Monday, June 20, 2011

Divorce or Death.

It not like anyone chooses to live through either one of these scenarios, but I've been thinking a lot about the differences between them since my neighbor is trying to muddle his way through the aftermath of a recent divorce and had a particularly difficult time with father's day yesterday. It may surprise you, but I think divorce would be the harder of the two.

When Tom left the world, I knew I had been loved. My neighbor had his love, his family, disintegrate around him and in many ways it invalidated their previous years together. She cheated and she did the leaving. I was left also, but it wasn't purposeful. Wasn't his choice. I was still loved. My memories still intact.

My neighbor is surprised that he isn't further along emotionally. He still thinks about her being with someone else and can't seem to move on. I think about how Tom doesn't have to suffer with depression anymore. I couldn't fix it, only be there for him and it is a tough thing to watch someone go through that repeatedly.

I wonder if people reading my blog have the impression that our marriage was an effortless, perfect meshing of two people. It was not. We went through struggles and at times were nearly torn apart. It recently occurred to me that I had married a thunderstorm. From a distance a thunderstorm was beautiful and exciting, but if caught in the middle unprepared it was nerve-racking. It took years for me to not take his mood swings personally. To come to a real understanding of what he could and couldn't control. What was just the depression talking. I never doubted the love, though or failed to value his complete honesty or fierce loyalty. I could count on him in the long run and our love evolved to a very deep level.

My neighbor says he's not looking to date, though I saw reference to a dating site on his Facebook. When someone goes through a break-up or divorce their friends and family seem to encourage them to get right back out there. To look for someone new. This is not the case with death. Initially people looked at me and marveled at how well I was dealing with this and were happy. I believed in facing it directly. Not hiding my head in the sand. No living in denial. Analyzing why I was feeling what I'm feeling. I am much farther along in healing and moving forward than my neighbor. I believe this is because I was loved. I felt valued by another human being. I made a difference in someone's life. I still can.

Why is death treated differently? I'd like to date again. I'm not looking for a replacement or someone to take care of me. I can take care of me. I know this. I am doing things on my own and not asking for much help because I don't want to be reliant on someone else. Yet I feel that there is an unwritten assumption of a proper amount of time for grieving, like I'm supposed to put my life on hold indefinitely until others approve of my reentering the world. Six months, a year, tell me please what do you think is appropriate for my life? Would it mean that I loved Tom any less to date again? Do you want me to shave off my eyebrows (did you know that the ancient Egyptians did this to mourn their cats)? In Hinduism death is seen as just a turning point in an endless journey and excessive mourning would hinder the soul from moving to the next level. Mourners cannot help the dead. A period of 13-days of rituals starting at the completion of cremation is observed. I went through the rituals. The modern day versions. I threw myself into them.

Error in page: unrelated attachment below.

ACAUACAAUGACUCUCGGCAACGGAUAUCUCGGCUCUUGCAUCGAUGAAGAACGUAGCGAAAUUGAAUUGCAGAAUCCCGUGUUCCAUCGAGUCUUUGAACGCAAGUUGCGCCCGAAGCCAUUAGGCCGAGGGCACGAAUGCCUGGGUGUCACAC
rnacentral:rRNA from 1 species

I've seen it over and over, though.

The whispers.

"Can you believe he married again? It was only 6 months after her death."

"Dating? Really! What's wrong with her? Has she no shame?"

So what do I want?

Friendship. To connect. To feel alive. I don't know that I'm entirely sure. What I have learned repeatedly in my life is that we are guaranteed nothing except this very moment. We have to make ourselves happy first and not rely on others to do so. It is only then that we can give love freely without reservation and without conditions. I plan to be happy. Judge me if you must. It wouldn' t be the first time I've been the subject of rumor. I married the boss, remember…and that became a love story for the ages.


Accept the bitter or turn them into a sweet delight.

Tuesday, June 14, 2011


Pronouns. Some of the simplest and most basic words in our language. It's how we relate information about ourselves to the world and likely some of the first words ever grunted by humans. They've gained a disproportionate power over me in the past few weeks. I'm stumbling over them. I find myself answering a question about something in my personal life and by default use the plural form and realize that, technically, it's incorrect. I am no longer a plural. It stopped me in mid-sentence and I felt compelled to explain why while standing in the middle of a public restroom. I knew the person I was speaking to would understand the distinction.

How many of you remember diagramming sentences in school? I was (still am) a geek. I enjoyed it and perhaps it was the first inclination of a love for written words. Yes, it is and perhaps I am, a bit neurotic in my quest for accuracy, but it's more than that. I frequently have a secondary dialog running in my head as I am speaking to others. It's like I am hearing what what I'm saying from their point of view or sometimes just critiquing myself unnecessarily and harshly. I realize that my word choice could remind them of my widowed status when I refer to we and our. It changes the way the other person relates to me at that moment. It is occasionally nice to have a conversation in which Tom is never mentioned. Where I can forget, even if it's just temporary.